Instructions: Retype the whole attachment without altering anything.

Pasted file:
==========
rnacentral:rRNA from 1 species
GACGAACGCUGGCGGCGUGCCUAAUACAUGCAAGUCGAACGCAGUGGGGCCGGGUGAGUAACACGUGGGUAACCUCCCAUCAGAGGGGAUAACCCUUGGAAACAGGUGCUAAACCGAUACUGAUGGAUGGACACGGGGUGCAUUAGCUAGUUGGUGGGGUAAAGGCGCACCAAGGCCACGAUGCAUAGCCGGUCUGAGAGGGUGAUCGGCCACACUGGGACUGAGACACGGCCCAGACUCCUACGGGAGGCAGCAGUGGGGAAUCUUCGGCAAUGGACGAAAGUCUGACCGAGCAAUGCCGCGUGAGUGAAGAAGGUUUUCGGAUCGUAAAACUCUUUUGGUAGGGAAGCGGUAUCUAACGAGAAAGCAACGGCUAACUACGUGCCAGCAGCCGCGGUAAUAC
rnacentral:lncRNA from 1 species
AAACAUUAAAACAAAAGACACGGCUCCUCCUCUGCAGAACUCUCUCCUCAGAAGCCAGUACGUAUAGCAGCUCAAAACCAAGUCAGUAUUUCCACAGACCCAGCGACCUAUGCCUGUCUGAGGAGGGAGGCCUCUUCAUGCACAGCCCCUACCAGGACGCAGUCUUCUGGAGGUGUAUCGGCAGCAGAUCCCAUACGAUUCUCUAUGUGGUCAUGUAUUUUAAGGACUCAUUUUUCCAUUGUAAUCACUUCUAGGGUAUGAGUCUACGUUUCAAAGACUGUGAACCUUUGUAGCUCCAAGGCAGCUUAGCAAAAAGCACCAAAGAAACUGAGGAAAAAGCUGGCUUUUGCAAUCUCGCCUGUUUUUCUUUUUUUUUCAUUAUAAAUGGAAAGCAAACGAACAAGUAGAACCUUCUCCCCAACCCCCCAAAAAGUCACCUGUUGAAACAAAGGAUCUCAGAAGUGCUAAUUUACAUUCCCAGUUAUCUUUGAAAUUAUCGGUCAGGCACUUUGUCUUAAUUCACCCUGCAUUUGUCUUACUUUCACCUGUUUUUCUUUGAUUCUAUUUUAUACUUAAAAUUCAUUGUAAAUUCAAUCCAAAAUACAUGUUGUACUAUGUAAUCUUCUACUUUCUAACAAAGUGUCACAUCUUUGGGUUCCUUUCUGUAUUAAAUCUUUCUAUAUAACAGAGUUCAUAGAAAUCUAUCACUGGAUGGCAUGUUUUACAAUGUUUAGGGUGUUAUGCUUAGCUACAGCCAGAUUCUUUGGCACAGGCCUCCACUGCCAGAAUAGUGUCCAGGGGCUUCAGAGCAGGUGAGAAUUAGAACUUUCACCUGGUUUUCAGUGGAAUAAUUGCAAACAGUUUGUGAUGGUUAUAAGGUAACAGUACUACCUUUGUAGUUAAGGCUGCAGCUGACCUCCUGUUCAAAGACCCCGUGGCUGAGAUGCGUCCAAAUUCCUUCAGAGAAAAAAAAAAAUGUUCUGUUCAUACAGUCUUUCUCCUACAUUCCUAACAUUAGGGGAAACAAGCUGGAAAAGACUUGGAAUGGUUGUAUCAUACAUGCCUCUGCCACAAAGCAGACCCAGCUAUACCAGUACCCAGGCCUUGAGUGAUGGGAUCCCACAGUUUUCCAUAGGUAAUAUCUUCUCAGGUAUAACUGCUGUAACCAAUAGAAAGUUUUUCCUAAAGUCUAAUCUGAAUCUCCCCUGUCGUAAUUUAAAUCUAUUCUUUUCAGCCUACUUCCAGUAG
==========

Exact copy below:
rnacentral:rRNA from 1 species
GACGAACGCUGGCGGCGUGCCUAAUACAUGCAAGUCGAACGCAGUGGGGCCGGGUGAGUAACACGUGGGUAACCUCCCAUCAGAGGGGAUAACCCUUGGAAACAGGUGCUAAACCGAUACUGAUGGAUGGACACGGGGUGCAUUAGCUAGUUGGUGGGGUAAAGGCGCACCAAGGCCACGAUGCAUAGCCGGUCUGAGAGGGUGAUCGGCCACACUGGGACUGAGACACGGCCCAGACUCCUACGGGAGGCAGCAGUGGGGAAUCUUCGGCAAUGGACGAAAGUCUGACCGAGCAAUGCCGCGUGAGUGAAGAAGGUUUUCGGAUCGUAAAACUCUUUUGGUAGGGAAGCGGUAUCUAACGAGAAAGCAACGGCUAACUACGUGCCAGCAGCCGCGGUAAUAC
rnacentral:lncRNA from 1 species
AAACAUUAAAACAAAAGACACGGCUCCUCCUCUGCAGAACUCUCUCCUCAGAAGCCAGUACGUAUAGCAGCUCAAAACCAAGUCAGUAUUUCCACAGACCCAGCGACCUAUGCCUGUCUGAGGAGGGAGGCCUCUUCAUGCACAGCCCCUACCAGGACGCAGUCUUCUGGAGGUGUAUCGGCAGCAGAUCCCAUACGAUUCUCUAUGUGGUCAUGUAUUUUAAGGACUCAUUUUUCCAUUGUAAUCACUUCUAGGGUAUGAGUCUACGUUUCAAAGACUGUGAACCUUUGUAGCUCCAAGGCAGCUUAGCAAAAAGCACCAAAGAAACUGAGGAAAAAGCUGGCUUUUGCAAUCUCGCCUGUUUUUCUUUUUUUUUCAUUAUAAAUGGAAAGCAAACGAACAAGUAGAACCUUCUCCCCAACCCCCCAAAAAGUCACCUGUUGAAACAAAGGAUCUCAGAAGUGCUAAUUUACAUUCCCAGUUAUCUUUGAAAUUAUCGGUCAGGCACUUUGUCUUAAUUCACCCUGCAUUUGUCUUACUUUCACCUGUUUUUCUUUGAUUCUAUUUUAUACUUAAAAUUCAUUGUAAAUUCAAUCCAAAAUACAUGUUGUACUAUGUAAUCUUCUACUUUCUAACAAAGUGUCACAUCUUUGGGUUCCUUUCUGUAUUAAAUCUUUCUAUAUAACAGAGUUCAUAGAAAUCUAUCACUGGAUGGCAUGUUUUACAAUGUUUAGGGUGUUAUGCUUAGCUACAGCCAGAUUCUUUGGCACAGGCCUCCACUGCCAGAAUAGUGUCCAGGGGCUUCAGAGCAGGUGAGAAUUAGAACUUUCACCUGGUUUUCAGUGGAAUAAUUGCAAACAGUUUGUGAUGGUUAUAAGGUAACAGUACUACCUUUGUAGUUAAGGCUGCAGCUGACCUCCUGUUCAAAGACCCCGUGGCUGAGAUGCGUCCAAAUUCCUUCAGAGAAAAAAAAAAAUGUUCUGUUCAUACAGUCUUUCUCCUACAUUCCUAACAUUAGGGGAAACAAGCUGGAAAAGACUUGGAAUGGUUGUAUCAUACAUGCCUCUGCCACAAAGCAGACCCAGCUAUACCAGUACCCAGGCCUUGAGUGAUGGGAUCCCACAGUUUUCCAUAGGUAAUAUCUUCUCAGGUAUAACUGCUGUAACCAAUAGAAAGUUUUUCCUAAAGUCUAAUCUGAAUCUCCCCUGUCGUAAUUUAAAUCUAUUCUUUUCAGCCUACUUCCAGUAG